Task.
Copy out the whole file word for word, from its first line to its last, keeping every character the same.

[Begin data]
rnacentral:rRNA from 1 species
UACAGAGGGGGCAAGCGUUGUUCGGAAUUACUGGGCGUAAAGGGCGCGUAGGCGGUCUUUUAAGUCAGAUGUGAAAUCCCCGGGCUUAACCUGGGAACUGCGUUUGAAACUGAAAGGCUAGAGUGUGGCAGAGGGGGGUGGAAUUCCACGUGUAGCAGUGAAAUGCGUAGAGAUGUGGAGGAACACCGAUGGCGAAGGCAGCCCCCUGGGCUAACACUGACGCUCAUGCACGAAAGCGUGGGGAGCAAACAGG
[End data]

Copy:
rnacentral:rRNA from 1 species
UACAGAGGGGGCAAGCGUUGUUCGGAAUUACUGGGCGUAAAGGGCGCGUAGGCGGUCUUUUAAGUCAGAUGUGAAAUCCCCGGGCUUAACCUGGGAACUGCGUUUGAAACUGAAAGGCUAGAGUGUGGCAGAGGGGGGUGGAAUUCCACGUGUAGCAGUGAAAUGCGUAGAGAUGUGGAGGAACACCGAUGGCGAAGGCAGCCCCCUGGGCUAACACUGACGCUCAUGCACGAAAGCGUGGGGAGCAAACAGG